Fun Is The Easiest Way To Change Someone’s Behavior

A group of psychologists seated themselves between a staircase and an escalator in a U.S. shopping mall to run a study. They set out to answer two questions:

  1. What percentage of people choose stairs over an escalator when given the choice between the two?
  2. How would behavior change if people were made aware of the health benefits of taking the stairs?

After several weeks of observations, the study concluded that a dismal 3% of people will choose the stairs over an escalator when given the choice. The good news with such a low number is that there really was nowhere to go but up.

To answer the second question, the psychologists created various signs about health benefits. They tested various placements of the signs around the stairs and escalator. The result was a doubling in the use of the stairs. This sounds impressive until you realize that means only a total of 6% used the stairs. 

The Volkswagen “Study”

In another part of the world (Sweden), a totally non-scientific “study” was run by the car company, Volkswagen. While their intent was to drum up some viral clicks with a do-good social experiment, we can still draw some conclusions for our purposes. 

For the experiment, the Volkswagen team converted a set of stairs into piano keys. When a person put their foot on each step, it would play a note. The video is filled with clips of people, and some dogs, joyfully climbing up the stairs. In the end, 66% more people took the piano stairs over the escalator, when given the choice. The video ends with the slogan, “Fun can obviously change behavior for the better.” 

In DFT, we’ve adapted that phrase to say,

DFT Tip #2 “FUN is the easiest way to change people’s behavior for the better.”

In the U.S. shopping mall experiment, the goal was to change behavior by appealing to the logical brain. “By taking the stairs, you will get a little extra exercise, which will burn calories, which will make you healthier, which will ultimately allow you to live longer.” 

In the Volkswagen experiment, they just wanted you to have fun…even though the end result is that you will get a little extra exercise, which will burn calories, which will make you healthier, which will ultimately allow you to live longer.

When trying to get people to take action within the DFT system, Ns, 1s, and 2s, are more motivated by fun and curiosity. Meanwhile, 3s, 4s,and 5s will be motivated by the value and outcomes of an activity. 

You’ll get plenty more engagement from others if you set an activity up in a way that they WANT to do it, versus MAKING them do it. 

How We Used Fun at a Trade Show

A large trade show once hired us to help them increase attendance and participation within their exhibit hall. The hall was notoriously overlooked by most conference attendees. The conference knew increasing exhibit hall engagement would be extremely valuable to their corporate sponsors who paid big money to have a booth.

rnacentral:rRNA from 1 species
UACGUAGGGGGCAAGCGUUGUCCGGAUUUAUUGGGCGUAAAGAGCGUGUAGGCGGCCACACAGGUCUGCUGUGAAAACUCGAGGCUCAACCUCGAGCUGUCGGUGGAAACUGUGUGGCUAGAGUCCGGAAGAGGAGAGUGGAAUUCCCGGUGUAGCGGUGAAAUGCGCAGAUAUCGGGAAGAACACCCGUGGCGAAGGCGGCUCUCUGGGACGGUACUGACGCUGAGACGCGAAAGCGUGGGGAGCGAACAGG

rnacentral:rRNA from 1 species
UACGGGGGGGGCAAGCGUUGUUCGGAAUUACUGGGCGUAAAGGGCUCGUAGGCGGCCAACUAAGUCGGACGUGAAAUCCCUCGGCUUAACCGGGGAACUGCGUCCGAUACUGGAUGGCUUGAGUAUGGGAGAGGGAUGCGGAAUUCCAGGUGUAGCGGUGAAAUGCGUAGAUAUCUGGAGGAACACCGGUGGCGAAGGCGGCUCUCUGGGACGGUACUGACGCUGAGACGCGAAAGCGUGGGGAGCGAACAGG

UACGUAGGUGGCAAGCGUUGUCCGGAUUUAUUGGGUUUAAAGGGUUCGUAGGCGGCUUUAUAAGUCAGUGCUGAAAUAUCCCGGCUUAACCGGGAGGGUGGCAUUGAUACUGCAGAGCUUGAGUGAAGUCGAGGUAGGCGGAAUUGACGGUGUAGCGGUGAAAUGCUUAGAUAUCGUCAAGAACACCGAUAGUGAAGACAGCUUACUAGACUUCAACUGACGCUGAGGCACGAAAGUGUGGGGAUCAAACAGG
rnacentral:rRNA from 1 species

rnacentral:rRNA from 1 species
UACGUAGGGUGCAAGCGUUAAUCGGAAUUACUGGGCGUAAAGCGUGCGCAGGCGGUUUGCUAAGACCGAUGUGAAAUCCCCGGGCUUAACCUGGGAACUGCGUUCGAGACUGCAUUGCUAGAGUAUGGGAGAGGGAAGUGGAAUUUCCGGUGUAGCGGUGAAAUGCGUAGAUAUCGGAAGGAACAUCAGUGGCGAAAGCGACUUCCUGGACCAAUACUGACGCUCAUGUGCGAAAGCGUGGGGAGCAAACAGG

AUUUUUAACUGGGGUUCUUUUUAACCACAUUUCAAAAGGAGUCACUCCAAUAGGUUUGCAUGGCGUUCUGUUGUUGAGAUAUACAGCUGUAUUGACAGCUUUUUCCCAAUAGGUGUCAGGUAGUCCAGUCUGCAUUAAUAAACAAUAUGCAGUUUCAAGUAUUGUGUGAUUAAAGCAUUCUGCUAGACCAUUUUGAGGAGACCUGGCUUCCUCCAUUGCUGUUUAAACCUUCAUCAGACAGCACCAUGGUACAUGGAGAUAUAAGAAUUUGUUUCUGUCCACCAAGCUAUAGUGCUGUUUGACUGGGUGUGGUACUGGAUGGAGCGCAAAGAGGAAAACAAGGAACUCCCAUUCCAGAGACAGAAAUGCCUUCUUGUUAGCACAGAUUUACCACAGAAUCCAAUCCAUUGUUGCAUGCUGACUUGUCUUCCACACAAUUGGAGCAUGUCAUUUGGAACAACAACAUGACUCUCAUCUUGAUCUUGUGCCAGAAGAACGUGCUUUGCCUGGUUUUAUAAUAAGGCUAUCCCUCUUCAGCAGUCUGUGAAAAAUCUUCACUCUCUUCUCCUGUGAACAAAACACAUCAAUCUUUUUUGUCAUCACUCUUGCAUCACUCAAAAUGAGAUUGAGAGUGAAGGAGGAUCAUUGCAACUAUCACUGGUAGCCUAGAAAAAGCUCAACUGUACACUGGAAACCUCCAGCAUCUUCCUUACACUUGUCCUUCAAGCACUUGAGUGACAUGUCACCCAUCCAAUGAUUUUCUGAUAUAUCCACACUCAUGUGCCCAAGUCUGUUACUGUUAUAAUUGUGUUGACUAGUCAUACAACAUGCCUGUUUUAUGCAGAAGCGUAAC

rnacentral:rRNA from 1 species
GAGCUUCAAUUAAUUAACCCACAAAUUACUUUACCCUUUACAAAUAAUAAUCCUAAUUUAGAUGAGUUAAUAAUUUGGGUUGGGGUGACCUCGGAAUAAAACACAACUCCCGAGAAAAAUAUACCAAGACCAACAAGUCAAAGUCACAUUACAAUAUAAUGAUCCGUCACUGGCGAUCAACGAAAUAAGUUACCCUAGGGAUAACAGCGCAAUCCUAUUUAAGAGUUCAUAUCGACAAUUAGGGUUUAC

Taking notes from the Volkswagen experience, we brainstormed how to make conference attendees WANT to spend time in the exhibit hall, instead of making them attend. In other words, how could we make it fun for them to visit the hall? 

Our answer? Create a flashmob-like experience in the exhibit hall to get people to want to show up. Here’s how we did it:

  1. First we gathered the cellphone numbers of a smaller group of people and hyped them on the idea of having some fun while at the conference. 
  2. We then encouraged the group to get three of their friends to sign up for the group message, and get those people hyped about the idea.
  3. We then sent out a message that read, “Get ready… your first group challenge will be announced in one hour.”
  4. Prior to the exhibit hall, we sent out their challenge text. It said, “In the exhibit hall @ exactly 2:35pm, howl towards the moon for 10 secs like a pack of wolves no matter where you are in the room. Then stop and walk on like nothing happened.”

When 2:35pm rolled around in the rather packed exhibit hall, people scattered all over the room paused what they were doing, some mid-sentence with someone else, and howled towards the moon for 10 seconds. Then, they carried on as if nothing happened.

The end result was MAGICAL! Not only was attendance way up in the exhibit hall, but also the energy in the room was much higher. Prior to the howl, people were on edge about doing it and who else would do it with them. After the howl, however, everyone was buzzing because it worked. They were a part of a secret society and they loved it!

Notice that nowhere in our activity did we MAKE people go to the exhibit hall. We set up the activity in a way that the conference participants WANTED to attend. Fun really is the easiest way to change someone’s behavior for the better.

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